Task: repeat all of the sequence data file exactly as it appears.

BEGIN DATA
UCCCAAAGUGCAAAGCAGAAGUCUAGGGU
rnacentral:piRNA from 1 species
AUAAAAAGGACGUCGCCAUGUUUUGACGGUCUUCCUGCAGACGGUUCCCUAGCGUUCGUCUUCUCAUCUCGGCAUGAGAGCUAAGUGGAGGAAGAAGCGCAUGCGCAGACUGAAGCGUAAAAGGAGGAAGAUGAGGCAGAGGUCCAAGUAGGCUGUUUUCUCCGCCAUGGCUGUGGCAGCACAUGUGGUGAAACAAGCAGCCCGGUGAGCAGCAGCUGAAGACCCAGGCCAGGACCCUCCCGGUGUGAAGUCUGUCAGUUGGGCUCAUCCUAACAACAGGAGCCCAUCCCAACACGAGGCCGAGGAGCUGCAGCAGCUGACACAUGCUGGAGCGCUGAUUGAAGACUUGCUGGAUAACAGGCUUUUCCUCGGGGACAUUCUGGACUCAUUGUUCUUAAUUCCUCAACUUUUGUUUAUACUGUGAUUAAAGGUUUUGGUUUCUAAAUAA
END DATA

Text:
UCCCAAAGUGCAAAGCAGAAGUCUAGGGU
rnacentral:piRNA from 1 species
AUAAAAAGGACGUCGCCAUGUUUUGACGGUCUUCCUGCAGACGGUUCCCUAGCGUUCGUCUUCUCAUCUCGGCAUGAGAGCUAAGUGGAGGAAGAAGCGCAUGCGCAGACUGAAGCGUAAAAGGAGGAAGAUGAGGCAGAGGUCCAAGUAGGCUGUUUUCUCCGCCAUGGCUGUGGCAGCACAUGUGGUGAAACAAGCAGCCCGGUGAGCAGCAGCUGAAGACCCAGGCCAGGACCCUCCCGGUGUGAAGUCUGUCAGUUGGGCUCAUCCUAACAACAGGAGCCCAUCCCAACACGAGGCCGAGGAGCUGCAGCAGCUGACACAUGCUGGAGCGCUGAUUGAAGACUUGCUGGAUAACAGGCUUUUCCUCGGGGACAUUCUGGACUCAUUGUUCUUAAUUCCUCAACUUUUGUUUAUACUGUGAUUAAAGGUUUUGGUUUCUAAAUAA